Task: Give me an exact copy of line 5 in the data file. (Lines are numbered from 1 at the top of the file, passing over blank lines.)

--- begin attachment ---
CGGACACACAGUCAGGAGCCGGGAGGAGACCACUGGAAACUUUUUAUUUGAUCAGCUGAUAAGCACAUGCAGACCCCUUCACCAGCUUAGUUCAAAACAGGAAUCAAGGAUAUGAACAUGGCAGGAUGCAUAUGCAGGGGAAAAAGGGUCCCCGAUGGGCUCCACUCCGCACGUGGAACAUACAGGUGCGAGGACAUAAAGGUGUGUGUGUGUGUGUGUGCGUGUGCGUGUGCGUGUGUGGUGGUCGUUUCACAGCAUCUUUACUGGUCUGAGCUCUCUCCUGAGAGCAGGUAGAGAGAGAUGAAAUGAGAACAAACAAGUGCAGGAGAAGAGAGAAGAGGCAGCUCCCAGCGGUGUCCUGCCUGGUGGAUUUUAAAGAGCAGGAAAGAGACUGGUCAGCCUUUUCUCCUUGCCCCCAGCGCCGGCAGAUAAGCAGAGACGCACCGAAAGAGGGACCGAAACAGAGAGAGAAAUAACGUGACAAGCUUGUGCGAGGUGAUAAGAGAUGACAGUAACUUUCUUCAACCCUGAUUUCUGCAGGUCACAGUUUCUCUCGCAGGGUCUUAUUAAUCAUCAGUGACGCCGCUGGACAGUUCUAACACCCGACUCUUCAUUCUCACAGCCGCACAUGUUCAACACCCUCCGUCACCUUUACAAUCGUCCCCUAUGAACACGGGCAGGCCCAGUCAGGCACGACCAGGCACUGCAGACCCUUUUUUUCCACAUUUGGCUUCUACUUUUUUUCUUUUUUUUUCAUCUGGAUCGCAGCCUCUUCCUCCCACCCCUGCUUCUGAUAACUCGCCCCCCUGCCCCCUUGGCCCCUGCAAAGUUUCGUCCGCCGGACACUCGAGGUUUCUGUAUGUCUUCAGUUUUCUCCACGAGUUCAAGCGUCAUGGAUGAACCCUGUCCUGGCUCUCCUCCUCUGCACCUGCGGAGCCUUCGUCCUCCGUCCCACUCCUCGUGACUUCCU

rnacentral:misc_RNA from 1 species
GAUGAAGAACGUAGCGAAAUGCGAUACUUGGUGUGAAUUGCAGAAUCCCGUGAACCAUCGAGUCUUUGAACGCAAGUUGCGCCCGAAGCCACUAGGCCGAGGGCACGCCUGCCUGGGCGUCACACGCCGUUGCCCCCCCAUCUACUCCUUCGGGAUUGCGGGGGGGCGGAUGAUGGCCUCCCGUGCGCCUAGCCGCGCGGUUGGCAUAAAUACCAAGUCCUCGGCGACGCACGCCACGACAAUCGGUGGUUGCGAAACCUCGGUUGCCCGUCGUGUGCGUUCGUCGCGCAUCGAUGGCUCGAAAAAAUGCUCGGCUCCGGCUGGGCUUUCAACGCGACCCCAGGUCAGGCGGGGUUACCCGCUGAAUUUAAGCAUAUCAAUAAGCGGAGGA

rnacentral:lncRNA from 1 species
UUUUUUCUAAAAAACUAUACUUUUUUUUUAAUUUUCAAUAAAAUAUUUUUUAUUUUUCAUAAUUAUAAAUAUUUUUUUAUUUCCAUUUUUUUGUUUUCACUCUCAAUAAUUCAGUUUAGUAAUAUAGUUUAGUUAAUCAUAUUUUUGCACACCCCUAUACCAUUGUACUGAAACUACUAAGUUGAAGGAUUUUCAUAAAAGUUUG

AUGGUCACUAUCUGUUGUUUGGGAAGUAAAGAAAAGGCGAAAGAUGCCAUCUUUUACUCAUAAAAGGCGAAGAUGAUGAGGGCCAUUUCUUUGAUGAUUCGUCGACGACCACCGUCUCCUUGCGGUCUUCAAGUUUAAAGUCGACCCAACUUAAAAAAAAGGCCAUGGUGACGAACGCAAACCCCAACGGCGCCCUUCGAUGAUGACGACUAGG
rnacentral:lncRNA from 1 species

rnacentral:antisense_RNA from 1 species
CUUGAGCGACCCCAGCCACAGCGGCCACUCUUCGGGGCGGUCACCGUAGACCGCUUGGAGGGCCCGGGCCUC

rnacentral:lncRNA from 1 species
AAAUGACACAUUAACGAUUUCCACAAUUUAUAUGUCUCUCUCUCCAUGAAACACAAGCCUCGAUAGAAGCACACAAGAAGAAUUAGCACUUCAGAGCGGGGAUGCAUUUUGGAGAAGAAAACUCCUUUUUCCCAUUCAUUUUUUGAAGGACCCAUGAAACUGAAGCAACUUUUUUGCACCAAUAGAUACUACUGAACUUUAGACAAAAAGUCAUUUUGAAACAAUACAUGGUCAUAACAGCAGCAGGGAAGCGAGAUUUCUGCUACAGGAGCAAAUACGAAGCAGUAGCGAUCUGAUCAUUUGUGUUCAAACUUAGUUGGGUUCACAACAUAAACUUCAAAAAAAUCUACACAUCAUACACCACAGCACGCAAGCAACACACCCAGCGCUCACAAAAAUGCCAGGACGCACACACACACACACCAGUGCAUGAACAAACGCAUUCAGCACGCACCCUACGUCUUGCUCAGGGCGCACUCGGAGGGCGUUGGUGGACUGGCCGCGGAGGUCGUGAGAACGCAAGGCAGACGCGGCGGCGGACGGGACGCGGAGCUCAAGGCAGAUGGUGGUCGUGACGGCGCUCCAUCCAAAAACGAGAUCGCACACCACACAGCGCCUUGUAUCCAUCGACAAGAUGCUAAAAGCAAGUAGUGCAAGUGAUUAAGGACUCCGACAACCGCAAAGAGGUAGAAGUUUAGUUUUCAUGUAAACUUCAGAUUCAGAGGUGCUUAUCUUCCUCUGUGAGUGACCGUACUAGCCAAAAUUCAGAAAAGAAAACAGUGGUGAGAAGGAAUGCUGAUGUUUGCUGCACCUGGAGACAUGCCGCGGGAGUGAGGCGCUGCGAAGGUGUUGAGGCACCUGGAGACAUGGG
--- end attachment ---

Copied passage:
UUUUUUCUAAAAAACUAUACUUUUUUUUUAAUUUUCAAUAAAAUAUUUUUUAUUUUUCAUAAUUAUAAAUAUUUUUUUAUUUCCAUUUUUUUGUUUUCACUCUCAAUAAUUCAGUUUAGUAAUAUAGUUUAGUUAAUCAUAUUUUUGCACACCCCUAUACCAUUGUACUGAAACUACUAAGUUGAAGGAUUUUCAUAAAAGUUUG